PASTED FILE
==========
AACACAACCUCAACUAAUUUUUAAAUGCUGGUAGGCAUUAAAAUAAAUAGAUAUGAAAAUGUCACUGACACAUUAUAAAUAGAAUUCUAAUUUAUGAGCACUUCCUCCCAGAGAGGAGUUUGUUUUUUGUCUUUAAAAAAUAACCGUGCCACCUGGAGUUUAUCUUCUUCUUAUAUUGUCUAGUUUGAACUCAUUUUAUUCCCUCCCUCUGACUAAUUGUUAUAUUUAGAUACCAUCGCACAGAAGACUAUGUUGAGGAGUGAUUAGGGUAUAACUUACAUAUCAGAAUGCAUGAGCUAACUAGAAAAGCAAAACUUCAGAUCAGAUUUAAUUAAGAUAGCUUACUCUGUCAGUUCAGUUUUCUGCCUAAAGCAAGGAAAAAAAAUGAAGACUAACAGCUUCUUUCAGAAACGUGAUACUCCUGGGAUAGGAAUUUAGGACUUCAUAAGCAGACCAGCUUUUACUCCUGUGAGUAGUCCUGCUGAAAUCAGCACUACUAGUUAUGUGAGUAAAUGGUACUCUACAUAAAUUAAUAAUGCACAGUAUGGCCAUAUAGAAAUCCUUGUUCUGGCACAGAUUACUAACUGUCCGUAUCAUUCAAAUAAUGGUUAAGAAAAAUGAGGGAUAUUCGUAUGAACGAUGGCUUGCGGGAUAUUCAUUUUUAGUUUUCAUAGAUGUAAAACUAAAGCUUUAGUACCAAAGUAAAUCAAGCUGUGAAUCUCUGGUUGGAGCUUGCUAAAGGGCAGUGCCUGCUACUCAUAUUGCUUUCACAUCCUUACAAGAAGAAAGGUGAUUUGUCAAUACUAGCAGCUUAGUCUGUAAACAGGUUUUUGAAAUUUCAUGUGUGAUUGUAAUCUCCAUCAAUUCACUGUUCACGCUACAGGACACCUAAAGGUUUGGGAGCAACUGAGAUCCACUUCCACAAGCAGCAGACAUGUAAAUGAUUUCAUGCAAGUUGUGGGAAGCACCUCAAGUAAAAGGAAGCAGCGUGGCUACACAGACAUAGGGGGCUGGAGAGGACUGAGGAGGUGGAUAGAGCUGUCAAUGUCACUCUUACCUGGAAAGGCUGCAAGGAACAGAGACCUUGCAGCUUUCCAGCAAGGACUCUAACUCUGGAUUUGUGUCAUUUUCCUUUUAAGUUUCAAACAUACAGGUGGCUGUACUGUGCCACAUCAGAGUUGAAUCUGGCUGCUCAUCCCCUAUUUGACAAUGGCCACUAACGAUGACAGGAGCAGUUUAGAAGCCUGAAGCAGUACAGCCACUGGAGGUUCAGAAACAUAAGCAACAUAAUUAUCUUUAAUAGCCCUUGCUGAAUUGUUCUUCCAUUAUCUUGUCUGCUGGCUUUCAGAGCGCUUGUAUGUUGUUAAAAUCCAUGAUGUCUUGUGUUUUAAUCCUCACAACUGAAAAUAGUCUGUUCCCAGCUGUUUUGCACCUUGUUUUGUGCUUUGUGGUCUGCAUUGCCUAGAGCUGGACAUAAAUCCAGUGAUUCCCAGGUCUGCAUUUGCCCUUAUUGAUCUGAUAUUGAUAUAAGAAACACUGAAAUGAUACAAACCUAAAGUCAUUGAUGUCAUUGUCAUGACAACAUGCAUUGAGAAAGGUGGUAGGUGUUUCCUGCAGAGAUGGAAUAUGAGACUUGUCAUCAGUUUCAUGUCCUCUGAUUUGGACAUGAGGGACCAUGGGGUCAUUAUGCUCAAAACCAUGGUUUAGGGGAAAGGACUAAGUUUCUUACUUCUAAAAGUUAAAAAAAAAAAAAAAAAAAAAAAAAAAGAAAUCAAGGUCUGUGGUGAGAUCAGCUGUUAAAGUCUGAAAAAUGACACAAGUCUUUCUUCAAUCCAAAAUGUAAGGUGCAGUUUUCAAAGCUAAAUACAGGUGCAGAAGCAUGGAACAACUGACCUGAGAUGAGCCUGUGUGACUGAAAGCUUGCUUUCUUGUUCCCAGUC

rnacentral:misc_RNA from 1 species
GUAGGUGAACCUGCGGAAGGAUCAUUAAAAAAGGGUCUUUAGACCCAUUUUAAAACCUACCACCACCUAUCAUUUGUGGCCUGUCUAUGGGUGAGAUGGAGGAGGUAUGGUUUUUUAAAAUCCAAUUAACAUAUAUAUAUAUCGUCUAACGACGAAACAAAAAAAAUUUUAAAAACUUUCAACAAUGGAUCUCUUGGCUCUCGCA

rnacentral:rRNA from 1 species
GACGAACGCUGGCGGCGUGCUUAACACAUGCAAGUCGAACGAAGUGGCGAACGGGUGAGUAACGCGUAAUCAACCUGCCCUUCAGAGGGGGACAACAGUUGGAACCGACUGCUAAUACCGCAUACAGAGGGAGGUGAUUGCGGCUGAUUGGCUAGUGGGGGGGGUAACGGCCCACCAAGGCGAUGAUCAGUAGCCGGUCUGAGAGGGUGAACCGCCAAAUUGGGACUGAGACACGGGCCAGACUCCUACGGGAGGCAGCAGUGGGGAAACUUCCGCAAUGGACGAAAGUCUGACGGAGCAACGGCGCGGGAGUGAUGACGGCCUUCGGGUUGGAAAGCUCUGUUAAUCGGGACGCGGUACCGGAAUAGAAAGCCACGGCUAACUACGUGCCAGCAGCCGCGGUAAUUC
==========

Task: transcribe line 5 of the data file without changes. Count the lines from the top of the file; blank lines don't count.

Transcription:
GACGAACGCUGGCGGCGUGCUUAACACAUGCAAGUCGAACGAAGUGGCGAACGGGUGAGUAACGCGUAAUCAACCUGCCCUUCAGAGGGGGACAACAGUUGGAACCGACUGCUAAUACCGCAUACAGAGGGAGGUGAUUGCGGCUGAUUGGCUAGUGGGGGGGGUAACGGCCCACCAAGGCGAUGAUCAGUAGCCGGUCUGAGAGGGUGAACCGCCAAAUUGGGACUGAGACACGGGCCAGACUCCUACGGGAGGCAGCAGUGGGGAAACUUCCGCAAUGGACGAAAGUCUGACGGAGCAACGGCGCGGGAGUGAUGACGGCCUUCGGGUUGGAAAGCUCUGUUAAUCGGGACGCGGUACCGGAAUAGAAAGCCACGGCUAACUACGUGCCAGCAGCCGCGGUAAUUC